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June 18, 2019 | FBN Insights | Kevin McNew

Australia Lowers Wheat Exports

Country's new crop wheat production and export program could be beneficial for U.S. wheat producers

Australia Lowers 2019/20 Wheat Exports By 18%  

The Australian Bureau of Agricultural and Resource Economics and Sciences (ABARES) lowered its wheat export forecast for the 2019/20 season as a prolonged drought continues to cause production concerns.

ABARES predicts wheat exports would total 11.7 MMT in the crop year beginning in July, down from its previous estimate in March of 14.2 MMT.

Exports and production are lowered by 18% and 11% from March.

Estimated exports are still 50% above 2018/19’s 9 MMT.  

Australia's east coast, where most of the wheat is for domestic consumption, has recorded less than 40% of typical rainfall levels over the last six months.  The western wheat producing region has received cooler temperatures and has better chances of production.

Australia is one of the top 10 wheat exporters in the world.  The country’s status of a global export has declined in recent years as drought has pushed production lower.       

What It Means for the U.S. Farmer: At FBN we believe that ABARES lowering Australia’s new crop wheat production and export program could be beneficial for the U.S. wheat producer. While the U.S. white and soft wheat crops are suffering from a drought and rain we believe that it is possible that low protein and HRW and HRS could benefit from increased Asian feed wheat export demand. 



U.S. Crop Progress Report: Supportive Corn and Soy;  Bearish Spring Wheat

The USDA June 17 Crop Progress report showed 92% of the corn corp as planted, or 8% unplanted.  100% planted is the 5 year average.

The 8% equates to 7.192 million acres of corn acres unplanted.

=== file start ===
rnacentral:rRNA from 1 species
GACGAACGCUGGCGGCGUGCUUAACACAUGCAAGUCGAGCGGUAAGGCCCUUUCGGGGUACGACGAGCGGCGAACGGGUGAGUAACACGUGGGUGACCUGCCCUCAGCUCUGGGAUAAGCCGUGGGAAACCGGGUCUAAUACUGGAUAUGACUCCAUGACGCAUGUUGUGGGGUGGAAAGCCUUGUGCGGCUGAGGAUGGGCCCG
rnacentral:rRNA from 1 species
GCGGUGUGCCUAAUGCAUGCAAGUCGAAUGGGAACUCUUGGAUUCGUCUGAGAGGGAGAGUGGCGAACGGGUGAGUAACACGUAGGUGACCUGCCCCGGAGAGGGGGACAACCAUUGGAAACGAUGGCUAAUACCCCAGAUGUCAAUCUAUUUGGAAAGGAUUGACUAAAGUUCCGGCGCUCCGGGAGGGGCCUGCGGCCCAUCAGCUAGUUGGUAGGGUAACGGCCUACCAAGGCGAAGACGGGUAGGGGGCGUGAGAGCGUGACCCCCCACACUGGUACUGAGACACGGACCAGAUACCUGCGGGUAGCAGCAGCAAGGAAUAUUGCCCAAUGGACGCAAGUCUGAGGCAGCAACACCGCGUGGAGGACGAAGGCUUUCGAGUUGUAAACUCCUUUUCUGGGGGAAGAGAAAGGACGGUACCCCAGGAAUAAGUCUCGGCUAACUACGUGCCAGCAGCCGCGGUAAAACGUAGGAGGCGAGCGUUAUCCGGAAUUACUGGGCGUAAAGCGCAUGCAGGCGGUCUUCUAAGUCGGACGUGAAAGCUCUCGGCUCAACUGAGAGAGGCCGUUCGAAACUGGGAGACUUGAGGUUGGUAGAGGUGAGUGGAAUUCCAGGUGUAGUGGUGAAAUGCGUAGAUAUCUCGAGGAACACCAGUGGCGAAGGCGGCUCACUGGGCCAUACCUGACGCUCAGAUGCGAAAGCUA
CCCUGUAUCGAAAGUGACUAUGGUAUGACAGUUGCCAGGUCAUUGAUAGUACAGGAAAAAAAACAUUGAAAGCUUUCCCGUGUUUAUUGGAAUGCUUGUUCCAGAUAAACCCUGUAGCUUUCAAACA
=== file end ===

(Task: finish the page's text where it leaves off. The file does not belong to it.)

These 7.19 million of unplanted corn acres is just ahead of the USDA’s June 28th Acres report which is the government’s followup to the March Prospective Plantings report.  

Corn condition was unchanged from last week at 59% rated “Good/Excellent”

Reported planted soybeans are 77% vs the 5 year average of 93%.  

13% unplanted translates to 11 million acres.  Eastern corn belt states along with Missouri and S. Dakota remain behind their 5 year averages.   

55% of soybeans have emerged vs. the 5 year average of 84%.

Soybean condition scores will be reported next week.  

Spring wheat condition scores look good.  The only state with “very poor/poor” is Montana with 4%.   

Winter wheat harvest below the 5 year averages in OK, KS, IL and IN.

What It Means for the U.S. Farmer: At FBN we believe that the market will focus on the corn condition scores first and then the planting pace and emergence.  Given the outstanding acres we expect the USDA to lower acres in their June 28 acres report. The soybean planting place and lack of acres planted in key states remains a concern.  We believe that as the end of June approaches this can be supportive for the complex.


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